Status update: what is happening with the documentary The Realists?
In 2018 I began filming interviews for a documentary on the dark side of Big Tech and digital advertising: The Realists.
After taking my documentary The Illusionists on tour on college campuses, non-profits, libraries, museums and corporate headquarters, it became apparent that my next project had to focus on technology and social media. The Illusionists exposes how mass media and advertising have exacerbated people’s insecurities for over a century. Yet the question on everyone’s lips whenever I did Q&As after a screening would be: “but what about social media?”
“My daughter and her friends are so insecure because of Instagram” “If I post something to Instagram and it doesn’t get many likes, I will delete the post… and feel terrible.” Or “I know celebrities have teams of people hired to make them look good. What makes me feel anxious is seeing perfect photos of my friends on social media” “I won’t post anything straight out of my camera roll, I always retouch my photos before posting them”. I would hear stories like these every day. So I set out to do something about it.
Starting in the summer of 2018, I contacted artists, activists and scholars and started planning interviews for The Realists. Unlike The Illusionists – which had a solid 90+ page script before I began filming even one frame – for The Realists I took a freewheeling approach, using an outline as a frame of reference and fitting interviews in it.
On set after filming an interview for The Realists with artist Antoine Geiger
Then 2020 arrived and we all know what happened next. Lockdowns, countries closing their borders, and billions of people using technology to connect to the outside world.
My original plans for The Realists went out the window.
Like shooting a moving target
The pandemic and its lockdowns created a brand new world where work, study, leisure and socialization occurred in front of a screen. For hours on end every day. It was the new normal.
In 2020, nobody could say for certain when the pandemic would end, when vaccines would arrive and what life could look like in the short term. Then vaccines became available, quicker than anyone had expected. But new contagious variants also emerged, causing waves of infections. Some countries re-introduced lockdowns and curfews. There was so much uncertainty about the future. But screens? They were our only constant.
How I could I make a documentary about a subject – a world – that was ever changing? It felt like I was trying to shoot a moving target. Worse yet, how could I cast a critical eye on the world of technology – if it wasn’t for digital devices, video conferencing tools and social media platforms, millions of people would have felt completely isolated and in the pit of despair during strict lockdowns.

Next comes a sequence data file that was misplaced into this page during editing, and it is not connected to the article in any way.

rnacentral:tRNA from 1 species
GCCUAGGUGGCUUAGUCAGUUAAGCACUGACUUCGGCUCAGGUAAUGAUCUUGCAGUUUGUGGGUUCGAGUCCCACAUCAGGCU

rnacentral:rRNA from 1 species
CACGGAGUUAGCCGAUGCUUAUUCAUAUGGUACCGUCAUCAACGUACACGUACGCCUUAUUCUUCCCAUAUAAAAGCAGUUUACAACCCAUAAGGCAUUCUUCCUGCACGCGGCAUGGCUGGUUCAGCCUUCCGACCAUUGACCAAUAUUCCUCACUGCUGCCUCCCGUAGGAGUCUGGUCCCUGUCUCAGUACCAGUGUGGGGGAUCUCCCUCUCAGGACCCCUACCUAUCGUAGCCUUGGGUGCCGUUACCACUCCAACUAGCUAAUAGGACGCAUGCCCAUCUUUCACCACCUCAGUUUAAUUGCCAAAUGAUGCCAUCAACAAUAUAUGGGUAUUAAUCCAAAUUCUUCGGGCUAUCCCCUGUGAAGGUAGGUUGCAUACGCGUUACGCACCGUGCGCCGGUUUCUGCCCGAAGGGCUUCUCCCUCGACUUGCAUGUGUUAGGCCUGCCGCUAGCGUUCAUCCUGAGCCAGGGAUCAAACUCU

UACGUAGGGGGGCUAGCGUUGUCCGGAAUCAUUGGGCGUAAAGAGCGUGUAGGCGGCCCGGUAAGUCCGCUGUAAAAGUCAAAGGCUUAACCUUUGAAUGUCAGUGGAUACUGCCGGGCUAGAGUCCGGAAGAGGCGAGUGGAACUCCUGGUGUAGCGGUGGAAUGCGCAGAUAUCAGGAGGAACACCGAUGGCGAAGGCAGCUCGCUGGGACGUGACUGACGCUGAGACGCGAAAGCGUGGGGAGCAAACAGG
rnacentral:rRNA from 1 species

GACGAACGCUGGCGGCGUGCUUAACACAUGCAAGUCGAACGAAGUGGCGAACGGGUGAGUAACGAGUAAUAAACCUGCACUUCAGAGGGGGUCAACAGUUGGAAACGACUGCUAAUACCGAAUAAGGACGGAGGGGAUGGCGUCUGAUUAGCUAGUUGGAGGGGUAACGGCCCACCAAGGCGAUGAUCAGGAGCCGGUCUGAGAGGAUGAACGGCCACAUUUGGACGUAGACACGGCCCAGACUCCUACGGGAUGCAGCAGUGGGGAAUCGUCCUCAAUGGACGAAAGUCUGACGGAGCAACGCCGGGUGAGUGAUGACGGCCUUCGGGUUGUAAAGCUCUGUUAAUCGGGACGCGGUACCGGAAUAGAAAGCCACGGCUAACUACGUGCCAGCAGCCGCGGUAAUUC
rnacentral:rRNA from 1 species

So here we are, in the spring of 2022. There is still so much uncertainty about the future, but I know this. I am picking up work on The Realists and I’m more motivated than ever to make a documentary on the dark side of Big Tech and digital advertising.
Similarly to The Illusionists, I want to shed light on the experiences of people in countries far and wide – not just in the United States and Europe – but also in the Middle East, Africa and Asia. I want to show how certain problems are truly universal – regardless of our race, nationality or country of origin.
I’m moving in uncharted territory. With The Illusionists I had the luxury of using dozens of brilliant books as maps for my quest – from Friedan’s The Feminine Mystique, to Wolf’s The Beauty Myth and Susie Orbach’s Bodies, to name a few.
For The Realists I need to draw a new map. The story is still unwritten.
A new sense of purpose
I may not have produced a documentary in the past couple of years but I did produce an actual tiny human – a baby girl, my first child. And she is my number one motivation for picking up work on The Realists. When I think of teenage girls today and how they are affected by social media… how many base their whole self-esteem and self-image on digital views, likes and comments. I remember what my childhood and adolescence were like, pre-smartphones and pre-social media. These years weren’t easy but they were NOTHING compared to the world kids and teenagers live in today. I think about the work of Dr. Jean Twenge and her research:
Almost 1 out of 4 teen girls had major depression in 2019 – double the rate of 2011. Depression increased for teen boys as well. And this was all pre-pandemic. It’s really unusual to see such a large change in mental health in such a short period of time – it suggests something fundamentally changed in teens’ lives after 2011. It did: they started spending much more time online, especially on social media, and less time in person.
And I tell myself I have a decade before I need to face this issue with my daughter. A decade in which I want to complete and release The Realists, maybe work on a book on the topic and why not another documentary.
I want to do my best to champion digital literacy and help create a world where parents, teachers and kids will give more value to the real world than virtual worlds. The “Metaverse”? Please. You can have fun in it but nothing beats the glory of real world friendships, face to face interactions, fresh air and time spent outside, away from screens and especially away from algorithms. That’s my goal at least. I’m ready to fight the good fight. Are you with me?